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Ken Coates is Canada Research Chair in Regional Innovation, and Dwight Newman is Canada Research Chair in Indigenous Rights in Constitutional and International Law, both at the University of Saskatchewan. They are co-authors of a new study on the impact of the Tsilhqot'in decision to be published this week by the Macdonald-Laurier Institute.

This summer's Tsilhqot'in aboriginal title decision was one of those rare Supreme Court of Canada rulings that points the country in a new direction, challenging governments, business and the general public to rethink the fundamental elements of national governance. Its impacts are still being sorted through, whether in this week's meeting between the B.C. cabinet and B.C. First Nations or whether in political manoeuvres such as a Quebec First Nation's recent "declaration of sovereignty" over 80,000 square kilometres of territory.

While some alarmists have argued that the judgment will stop resource development in its tracks and create major economic dislocations, the reality is much different. First Nations in areas not covered by treaties have a much clearer indication of what is required to prove that they have aboriginal title to select pieces of property. The standard for consultation with First Nations has been elevated. But governments have also been given confirmation that they continue to possess substantial authority over resource development on Crown lands.

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If the June 26 Tsilhqot'in Nation v. British Columbia decision is a game-changer, it's more in the form of a rewritten rule book than a tilting of the playing field in favour of one side. There is no question that the Supreme Court judgment has altered the relationship between First Nations and provincial, territorial and federal governments. On balance, First Nations won a major decision and have good reason to be delighted with the ruling. But there are important limits and new directions from the court that should lead the country further down the path of reconciliation.

The decision will not have much impact on areas such as the Prairie West, Ontario and large parts of the North, where aboriginal communities have surrendered their lands through historic or modern treaties. In unceded areas, including most of British Columbia and other significant parts of the country, however, the ruling carries considerable weight. Recognizing aboriginal title, a major legal achievement for the Tsilhqot'in, conveys real and substantial authority over specific lands. That said, the test for title remains demanding and applies to areas more narrow than the claimed traditional territories of First Nations.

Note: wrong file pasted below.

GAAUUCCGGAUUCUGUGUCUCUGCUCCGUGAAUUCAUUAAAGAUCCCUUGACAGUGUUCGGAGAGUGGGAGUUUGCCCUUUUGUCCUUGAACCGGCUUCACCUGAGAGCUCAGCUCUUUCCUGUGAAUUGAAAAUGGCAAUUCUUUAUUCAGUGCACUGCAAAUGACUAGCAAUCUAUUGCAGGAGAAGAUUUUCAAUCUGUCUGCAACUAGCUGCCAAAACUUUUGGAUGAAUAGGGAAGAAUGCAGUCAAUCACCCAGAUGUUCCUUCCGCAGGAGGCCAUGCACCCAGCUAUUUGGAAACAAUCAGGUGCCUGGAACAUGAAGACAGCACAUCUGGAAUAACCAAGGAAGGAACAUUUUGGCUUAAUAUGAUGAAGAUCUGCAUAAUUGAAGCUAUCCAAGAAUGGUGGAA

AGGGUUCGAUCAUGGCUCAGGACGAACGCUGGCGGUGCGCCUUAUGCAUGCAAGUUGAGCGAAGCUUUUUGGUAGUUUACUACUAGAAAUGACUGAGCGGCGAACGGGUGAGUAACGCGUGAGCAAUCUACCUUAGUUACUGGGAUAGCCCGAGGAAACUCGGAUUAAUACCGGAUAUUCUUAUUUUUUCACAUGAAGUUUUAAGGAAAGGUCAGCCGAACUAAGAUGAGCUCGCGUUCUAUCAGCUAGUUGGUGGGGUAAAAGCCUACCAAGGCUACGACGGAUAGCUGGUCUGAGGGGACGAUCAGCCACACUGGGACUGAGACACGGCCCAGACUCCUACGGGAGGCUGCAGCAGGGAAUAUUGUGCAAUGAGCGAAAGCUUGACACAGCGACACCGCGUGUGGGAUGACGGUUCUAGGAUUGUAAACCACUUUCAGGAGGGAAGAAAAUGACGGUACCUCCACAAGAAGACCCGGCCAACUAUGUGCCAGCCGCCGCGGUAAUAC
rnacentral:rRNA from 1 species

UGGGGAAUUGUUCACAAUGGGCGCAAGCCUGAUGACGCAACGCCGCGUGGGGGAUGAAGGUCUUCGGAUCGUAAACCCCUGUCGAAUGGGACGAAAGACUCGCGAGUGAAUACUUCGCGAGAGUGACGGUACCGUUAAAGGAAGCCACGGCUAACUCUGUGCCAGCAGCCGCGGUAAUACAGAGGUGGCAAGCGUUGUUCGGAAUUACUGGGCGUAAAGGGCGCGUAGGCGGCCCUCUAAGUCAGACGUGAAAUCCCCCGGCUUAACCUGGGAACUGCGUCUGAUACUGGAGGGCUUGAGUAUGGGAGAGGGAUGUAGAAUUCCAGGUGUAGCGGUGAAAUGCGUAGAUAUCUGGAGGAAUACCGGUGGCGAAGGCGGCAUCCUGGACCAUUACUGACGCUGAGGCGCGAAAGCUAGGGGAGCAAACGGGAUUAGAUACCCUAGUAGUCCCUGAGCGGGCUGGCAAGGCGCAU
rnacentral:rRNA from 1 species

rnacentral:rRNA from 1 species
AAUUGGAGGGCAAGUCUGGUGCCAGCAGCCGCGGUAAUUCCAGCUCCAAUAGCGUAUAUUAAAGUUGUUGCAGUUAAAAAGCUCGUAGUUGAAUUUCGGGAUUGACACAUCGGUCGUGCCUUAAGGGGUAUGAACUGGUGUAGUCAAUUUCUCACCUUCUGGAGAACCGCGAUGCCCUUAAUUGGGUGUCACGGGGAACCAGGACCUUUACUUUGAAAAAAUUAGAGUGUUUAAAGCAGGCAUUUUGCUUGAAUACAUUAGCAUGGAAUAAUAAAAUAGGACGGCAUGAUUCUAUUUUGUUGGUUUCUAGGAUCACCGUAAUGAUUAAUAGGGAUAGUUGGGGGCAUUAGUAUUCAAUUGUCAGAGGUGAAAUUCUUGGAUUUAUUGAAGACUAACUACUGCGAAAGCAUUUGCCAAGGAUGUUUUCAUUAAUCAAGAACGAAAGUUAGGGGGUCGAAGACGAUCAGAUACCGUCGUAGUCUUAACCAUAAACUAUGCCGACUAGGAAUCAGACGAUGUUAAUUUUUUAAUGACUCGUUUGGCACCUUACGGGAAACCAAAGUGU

Perhaps the most significant element in Tsilhqot'in is the Supreme Court's deliberations on the requirements for consultation with First Nations. Since 2004, resource development has proceeded under the court-ordered requirements for consultation and accommodation, with many aboriginal groups and companies finding ways to negotiate constructively. The Tsilhqot'in decision increases the requirements again, stopping just short of requiring the consent of First Nations communities before a project can proceed. The Supreme Court encourages governments to secure the consent of affected First Nations and encourages all participants to seek reconciliation and resolutions to disagreements through negotiation, rather than recourse to the courts.

Governments have not been stripped of authority over lands and resources. The court has clearly identified situations where a government could override aboriginal title, and provides some direction on how and when that override can be exercised, although this could benefit from further elaboration. Provincial governments retain considerable rights of their own and retain, as the more recent Grassy Narrows decision relating to Ontario reinforced, substantial capacity to manage resource development.

The Tsilhqot'in decision does alter the rules governing the use of resources in Canada, specifically on non-treaty lands. Negotiations on how to implement the decision should start immediately and with greater urgency than has governed these discussions in recent years. Governments could help shape the discussions by outlining the circumstances where and when they might utilize their override powers.

Over the past 50 years, the Supreme Court of Canada has been involved in reshaping the roles and authority of First Nations in Canada. Aboriginal peoples have discovered, repeatedly, that Canadian laws and legal processes are receptive to aboriginal rights and claims; the Canadian system does work for First Nations. But the Supreme Court's most important message speaks to broader relationships than the law.

History has shown that aboriginal communities need to have real and substantial powers before other Canadians, including government, industry and the public, come to the table. The Tsilhqot'in decision gives such power to First Nations in non-treaty areas, and identifies a process for demonstrating aboriginal title to portions of their traditional territories. With this authority in hand, and with governments and industry adjusted to the permanent role of First Nations in shaping resource development, perhaps we finally have the preconditions for a national movement toward lasting reconciliation.

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